Ogham (pronounced OH-am) is a real-world language that developed among the Celtic people in ancient times. The language, which still exists in a somewhat altered form, can be traced back to the mysterious druids, making it a perfect fit for inclusion in Dungeons & Dragons and other d20 games that make use of the druid class.
In many ways, Ogham is similar to the early Viking runic language, which is probably what most gamers think of when the idea of runes comes up in fantasy gaming. Like runic, Ogham uses fairly simple characters carved in wood or stone. In a culture with a strong tradition of passing down history orally, the Celts had little use for a written language. Writing was the province of the scholarly, something that must have seemed somewhat mysterious and perhaps a bit magical to the common folk. Like the Viking Futhark, the letters of Ogham may have been thought to hold more than just a mundane meaning. Indeed, each letter is associated with a kind of tree, and is thought to have a symbolic meaning as well as literal one.
I explain all this to show you how well Ogham fits in with the D&D druid. The druid class has always given its members access to a secret druid language, a language kept deliberately vague by the game?s designers. For those DMs wishing to flesh this secret language out in a little more detail, Ogham seems like a perfect solution. Bardic Lore: Ogham gives you enough background information to incorporate the Ogham tongue into your campaign without much effort.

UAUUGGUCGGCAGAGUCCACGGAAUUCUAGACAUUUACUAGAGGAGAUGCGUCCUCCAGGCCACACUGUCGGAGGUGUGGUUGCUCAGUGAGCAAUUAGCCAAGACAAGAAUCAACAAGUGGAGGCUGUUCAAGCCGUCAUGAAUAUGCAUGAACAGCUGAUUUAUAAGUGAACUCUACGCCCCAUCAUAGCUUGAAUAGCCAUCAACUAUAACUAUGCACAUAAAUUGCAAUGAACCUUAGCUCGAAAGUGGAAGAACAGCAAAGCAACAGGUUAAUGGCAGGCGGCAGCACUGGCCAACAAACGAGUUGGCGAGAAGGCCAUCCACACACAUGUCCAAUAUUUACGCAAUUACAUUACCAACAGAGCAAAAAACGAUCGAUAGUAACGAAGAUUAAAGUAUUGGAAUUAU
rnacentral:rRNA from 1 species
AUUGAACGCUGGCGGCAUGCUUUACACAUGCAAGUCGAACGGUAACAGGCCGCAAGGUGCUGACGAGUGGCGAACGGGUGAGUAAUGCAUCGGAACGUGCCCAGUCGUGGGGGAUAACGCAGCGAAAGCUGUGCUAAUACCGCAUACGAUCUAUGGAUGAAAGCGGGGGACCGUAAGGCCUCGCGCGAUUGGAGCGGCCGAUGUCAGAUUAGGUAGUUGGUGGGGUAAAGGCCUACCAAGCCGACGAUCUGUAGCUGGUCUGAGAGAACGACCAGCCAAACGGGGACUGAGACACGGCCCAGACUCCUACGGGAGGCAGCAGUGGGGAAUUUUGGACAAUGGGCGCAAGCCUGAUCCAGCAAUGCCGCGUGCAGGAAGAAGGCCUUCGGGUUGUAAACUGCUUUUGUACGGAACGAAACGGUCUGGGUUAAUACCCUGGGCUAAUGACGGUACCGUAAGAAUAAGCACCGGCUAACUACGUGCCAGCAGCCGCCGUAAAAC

In addition to the background details, this PDF also presents rules for using Ogham as a kind of druid-based rune magic. The examples include a couple different kinds of wards that can be placed on standing stones, as well as a means to enhance spells using different Ogham symbols carved onto wood or stone tablets. I thought that the rules really fit the flavor of druidic magic, giving an in-game mechanic to govern such things as magical standing stones. Unfortunately, I think these rules are probably more useful to a DM fleshing out a celtic-inspired campaign that they are to a player. The majority of the Ogham items are costly and difficult or impossible to transport.<br><br>
<b>LIKED</b>: To draw an analogy, this book is basically the length and depth of a quality article in Dragon Magazine. If you?re interested in expanding on the secret Druidic language, or you want to flesh out the history of druids in your campaign world, Ogham is a perfect fit. This product does all the legwork for you, giving you the basics and leaving the fine-tuning up to your individual tastes.
The rules are well designed and can be added to your game with little headache or worry about upsetting game balance. The book looks very professional, with a nice layout and easy to read graphical representations of the Ogham alphabet. There isn?t really any art to speak of, but its absence doesn?t hurt the final product in any real way.<br><br><b>DISLIKED</b>: It would have been nice had this book been a bit longer. Don?t get me wrong, I think it?s a fantastic value for the money, I just really liked it and would have liked to see a bit more.<br><br><b>QUALITY</b>: Very Good<br><br><b>VALUE</b>: Very Satisfied<br>
[4 of 5 Stars!]